Hi! My name is Susan and I am a historian, seamstress, teacher, mother, and wife. My passion for history has manifested itself in the art of recreating clothing from different periods of time. Growing up in the American South, I am heavily schooled in the art of recreating clothing from the 19th century. After nearly a decade of immersing myself primarily in the Victorian period, I found the need to branch out and explore other periods of time. However, it is my connection with the American South and the clothing of rural America that continues to be the driving force behind my designs.
I recently completed a second WWI Era US Motor Corps Uniform for a private client in Texas. This uniform is made from 100% olive green drab wool and is lined in cotton. The buttons are reproductions as is the Sam Browne belt. The shirt and tie are up cycled and very similar in style to those of the period.
Having made several versions of these WWI era uniforms in the past year, this one is slightly different than the first version we made for Alvin C. York State Park last year. We modified the cut of the bodice to reflect a closer fitting silhouette and widened the jacket skirting so it closes neatly in the front. The wool is a rougher weave and has slightly more texture. The buttons are reproduction brass military eagles and still have the sheen the originals would have prior to 100 years of patina!
Very little modifications have been made to the skirt. It is fully lined in cotton and has two pockets at the hipline. Hem length reaches mid calf.
Even though I have already made one of these uniforms, it is still a beast! It took over 40 hours of labor to create this piece with 5 hours dedicated to just the pockets! However, all good things come with time and this is a beautiful museum quality reproduction! A big thank you to my client for her patience while I searched for just the right wool, did a little more research, and allowed me the time needed to construct this garment with care!
I would love to make a version of this uniform with the jodhpurs! Any takers?
For more information about our WWI Era Motor Corps uniform or any of our custom designed historical fashion, please visit our website at www.maggiemayfashions.com
It’s April’s Fool’s Day! In honor of this silly day, I decided to conduct an “interview” and give honest answers to honest questions! Warning: you might find out more than you want to know! So here goes!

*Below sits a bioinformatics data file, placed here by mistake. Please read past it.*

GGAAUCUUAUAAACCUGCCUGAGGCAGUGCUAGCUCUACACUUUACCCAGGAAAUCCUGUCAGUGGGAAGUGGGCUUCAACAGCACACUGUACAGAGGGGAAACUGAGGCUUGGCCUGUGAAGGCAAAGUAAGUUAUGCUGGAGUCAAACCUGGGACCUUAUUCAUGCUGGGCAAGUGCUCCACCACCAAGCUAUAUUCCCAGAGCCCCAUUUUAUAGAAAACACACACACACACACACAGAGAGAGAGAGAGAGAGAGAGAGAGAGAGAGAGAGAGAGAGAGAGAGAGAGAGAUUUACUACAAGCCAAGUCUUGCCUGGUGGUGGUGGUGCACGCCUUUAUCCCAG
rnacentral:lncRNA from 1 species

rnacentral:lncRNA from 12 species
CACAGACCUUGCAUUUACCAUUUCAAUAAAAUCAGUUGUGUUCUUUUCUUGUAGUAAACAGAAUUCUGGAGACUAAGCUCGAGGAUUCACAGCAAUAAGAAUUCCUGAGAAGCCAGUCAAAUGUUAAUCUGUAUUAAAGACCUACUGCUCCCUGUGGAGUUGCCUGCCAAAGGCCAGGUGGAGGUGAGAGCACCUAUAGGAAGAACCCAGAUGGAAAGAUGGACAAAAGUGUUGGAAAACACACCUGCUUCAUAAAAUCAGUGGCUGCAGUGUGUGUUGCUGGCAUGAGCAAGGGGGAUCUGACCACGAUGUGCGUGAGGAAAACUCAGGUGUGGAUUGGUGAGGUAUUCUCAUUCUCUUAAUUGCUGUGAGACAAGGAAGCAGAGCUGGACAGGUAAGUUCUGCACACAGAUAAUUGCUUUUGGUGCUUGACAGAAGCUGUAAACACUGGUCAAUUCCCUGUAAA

Q: Why do you make historical clothing?
A: Because I do not like teaching. Wait- isn’t that supposed to be the other way around? You know, those who can’t- teach? So cliche. But seriously, I was a visual arts teacher for a while. I loved working with kids but found the educational system most frustrating. I was the only creative in the building and that was a very lonely feeling.
Q: What is your favorite time period to design from?
A: Hmm. That’s a tough one. I love the understated elegance of the Regency Period. But I also love the over-the-top styles of the Bustle Era. I am not a big fan of the 1860s/early 1870s. I guess hoops just aren’t my thing anymore.
Q: What do you love most about your job?
A: The diversity! Checking emails is like playing the lottery! Today you might be stitching together a couple stock petticoats and tomorrow you might be working for Spike Lee! (True story! Although they called instead of emailing.)
Q: What do you dislike most about your job?
Q: I see you are celebrating 25 years in business! That’s a long time! If you could go back and change one thing from the last quarter decade, what would it be?
A: I would have taken more time off when my second child was born. Literally, the day after he came home, I brought the sewing machine in from my studio and set up a mini sewing station in my kitchen. Why? Because I had deadlines.
Q: What do you think of social media? You know because it didn’t exist 25 years ago!
A: Short Answer: Overrated. Long Answer: I think social media can be a useful way to disseminate information and share ideas with people who have common interests. But somewhere along the lines, social media has become all about money and manipulation and while I do like money, I am not willing to let the social media giants be puppeteers over my life and business. Are you?
Q: Are you hot in those clothes?
A: Why yes. I am “hot” in these clothes. Thank you for the compliment but I am happily married.
Q: Do you dress like this everyday?
A: See photo below.